Villegas told his cousin that he committed the murders, Esparza said.
“They have said now he was bragging, but he did tell his cousin that he committed the murders and that’s why the investigation focused on him,” the district attorney said. “And after all of these years, the alibis still don’t match.”
On the campaign trail, Esparza and Rosales have hit Morales on his position.
“I don’t know how anybody who wants to be district attorney can make a decision on such a complicated and important case on day one,” Esparza said.
Rosales said she’s the only one of the three who hasn’t taken a side in the Villegas case.
“I’m the only candidate who’s neutral,” she said. “I don’t have anything at stake in this case.”
Rosales said if elected, Villegas’ case would be one of the first to get her attention.
“I need to read the transcripts from A to Z,” she said. “I need to read the case from beginning to end and see and make an independent evaluation if I in fact think that that case merits going to trial, if there’s sufficient evidence. If there is not, I will not have a problem dismissing the case. But if there is sufficient evidence, then we need to do the right thing and pursue with trial.”
Both Esparza and Rosales have also criticized Morales’ position because Mimbela has endorsed him. The businessman said his support was not contingent upon Morales taking a position.
“Leonard is not a politician,” Mimbela said. “He said what he felt was correct. And like he said, everybody in El Paso’s seen this case. It’s open record.”
Morales said the public deserves to know what he thinks about cases and shouldn’t have to wait for him to get into office to reveal his opinions. In Villegas’ case, unless more information is introduced, there is no case, he said.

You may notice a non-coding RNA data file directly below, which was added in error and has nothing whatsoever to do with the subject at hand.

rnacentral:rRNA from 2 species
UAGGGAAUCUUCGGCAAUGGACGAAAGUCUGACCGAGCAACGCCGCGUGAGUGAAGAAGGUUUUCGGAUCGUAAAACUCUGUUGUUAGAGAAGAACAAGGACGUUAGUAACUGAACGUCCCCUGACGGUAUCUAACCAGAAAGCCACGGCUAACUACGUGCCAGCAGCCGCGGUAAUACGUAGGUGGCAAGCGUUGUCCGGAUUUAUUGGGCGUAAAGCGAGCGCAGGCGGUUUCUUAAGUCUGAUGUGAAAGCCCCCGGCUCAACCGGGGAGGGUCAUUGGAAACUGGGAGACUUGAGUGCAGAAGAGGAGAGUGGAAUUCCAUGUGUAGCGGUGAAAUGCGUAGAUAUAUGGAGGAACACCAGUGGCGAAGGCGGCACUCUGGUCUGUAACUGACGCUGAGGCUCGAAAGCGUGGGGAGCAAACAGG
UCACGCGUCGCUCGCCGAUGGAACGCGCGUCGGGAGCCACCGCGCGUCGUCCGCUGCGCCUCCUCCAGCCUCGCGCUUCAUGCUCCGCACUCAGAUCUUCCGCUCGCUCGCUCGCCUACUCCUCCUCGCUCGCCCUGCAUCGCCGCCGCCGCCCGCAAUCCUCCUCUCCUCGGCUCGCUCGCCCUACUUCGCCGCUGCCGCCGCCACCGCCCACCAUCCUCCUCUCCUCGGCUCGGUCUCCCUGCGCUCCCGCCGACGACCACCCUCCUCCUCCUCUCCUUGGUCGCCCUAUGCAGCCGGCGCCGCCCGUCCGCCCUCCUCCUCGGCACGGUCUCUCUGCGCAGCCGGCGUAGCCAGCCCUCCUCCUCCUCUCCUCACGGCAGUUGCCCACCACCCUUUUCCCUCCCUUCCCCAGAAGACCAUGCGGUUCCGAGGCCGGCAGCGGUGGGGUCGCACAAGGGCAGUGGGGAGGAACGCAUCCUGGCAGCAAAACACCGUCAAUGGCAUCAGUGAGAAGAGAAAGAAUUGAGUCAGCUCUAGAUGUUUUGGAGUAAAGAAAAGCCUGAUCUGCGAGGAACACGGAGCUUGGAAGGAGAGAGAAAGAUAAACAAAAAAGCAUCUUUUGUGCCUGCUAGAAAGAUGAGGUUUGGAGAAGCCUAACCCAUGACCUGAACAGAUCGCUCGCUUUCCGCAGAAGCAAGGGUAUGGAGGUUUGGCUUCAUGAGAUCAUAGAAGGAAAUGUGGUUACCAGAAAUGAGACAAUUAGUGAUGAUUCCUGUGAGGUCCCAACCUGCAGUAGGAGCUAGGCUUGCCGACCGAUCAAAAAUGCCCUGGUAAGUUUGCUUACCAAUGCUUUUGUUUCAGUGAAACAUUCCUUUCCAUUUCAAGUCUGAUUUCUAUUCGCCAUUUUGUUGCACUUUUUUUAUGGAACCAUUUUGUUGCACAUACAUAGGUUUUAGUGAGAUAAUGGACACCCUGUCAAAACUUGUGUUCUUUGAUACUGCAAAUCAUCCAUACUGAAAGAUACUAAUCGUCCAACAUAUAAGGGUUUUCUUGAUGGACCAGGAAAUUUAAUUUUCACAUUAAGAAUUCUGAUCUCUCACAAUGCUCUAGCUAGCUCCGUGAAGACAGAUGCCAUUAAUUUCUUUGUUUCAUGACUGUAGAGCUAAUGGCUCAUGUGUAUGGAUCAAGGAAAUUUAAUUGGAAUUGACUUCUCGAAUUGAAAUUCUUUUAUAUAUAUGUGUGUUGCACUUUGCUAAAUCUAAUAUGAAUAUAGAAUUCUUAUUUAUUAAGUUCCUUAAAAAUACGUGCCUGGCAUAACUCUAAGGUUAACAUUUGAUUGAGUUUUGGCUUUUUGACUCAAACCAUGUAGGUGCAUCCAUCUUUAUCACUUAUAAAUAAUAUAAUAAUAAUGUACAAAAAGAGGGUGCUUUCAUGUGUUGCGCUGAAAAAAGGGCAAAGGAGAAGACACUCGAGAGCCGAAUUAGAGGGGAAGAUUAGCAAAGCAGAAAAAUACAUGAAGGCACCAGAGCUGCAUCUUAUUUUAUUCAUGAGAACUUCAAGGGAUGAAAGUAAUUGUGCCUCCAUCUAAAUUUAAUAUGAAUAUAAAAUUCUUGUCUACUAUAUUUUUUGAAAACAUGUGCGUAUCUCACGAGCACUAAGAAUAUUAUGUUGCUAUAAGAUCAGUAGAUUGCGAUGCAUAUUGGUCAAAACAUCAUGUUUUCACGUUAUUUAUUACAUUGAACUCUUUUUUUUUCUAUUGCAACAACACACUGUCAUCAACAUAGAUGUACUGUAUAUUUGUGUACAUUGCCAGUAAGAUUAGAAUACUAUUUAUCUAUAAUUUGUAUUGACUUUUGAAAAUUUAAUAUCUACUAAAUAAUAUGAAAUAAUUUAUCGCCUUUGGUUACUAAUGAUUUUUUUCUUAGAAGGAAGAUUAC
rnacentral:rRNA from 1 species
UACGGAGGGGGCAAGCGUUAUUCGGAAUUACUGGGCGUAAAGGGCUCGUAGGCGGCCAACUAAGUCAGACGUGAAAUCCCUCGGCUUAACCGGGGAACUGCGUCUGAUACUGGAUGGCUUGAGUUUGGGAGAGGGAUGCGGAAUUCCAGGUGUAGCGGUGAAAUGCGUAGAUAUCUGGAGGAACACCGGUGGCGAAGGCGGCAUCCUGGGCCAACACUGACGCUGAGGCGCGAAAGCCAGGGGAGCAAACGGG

“Right now,” Morales said, “we have nothing.”
A state district judge recommended in 2012 that Villegas get a new trial after determining he had ineffective legal counsel during his second trial and that he was actually innocent. Villegas had a public defender.
The Texas Court of Criminal Appeals agreed the following year that Villegas had a bad lawyer but did not agree that he was actually innocent, saying Villegas should have a new trial to determine innocence or guilt. Villegas was released on bond in 2014.
The third trial was set to begin last January but has stalled after the judge ruled that Villegas’ telephone conversations from when he was in jail and prison cannot be used at trial. The judge ruled that the confession could not be used at trial, either. Esparza’s office has appealed the suppression of the telephone conversations to the 8th Court of Appeals.
“There are no more direct links between Daniel Villegas and the victims here,” Morales said. “It just doesn’t match up.”
Villegas has lost two decades of his life to the case, Rosales acknowledged.
“But by the same token,” she said, “in the end, we still have two dead teenagers.”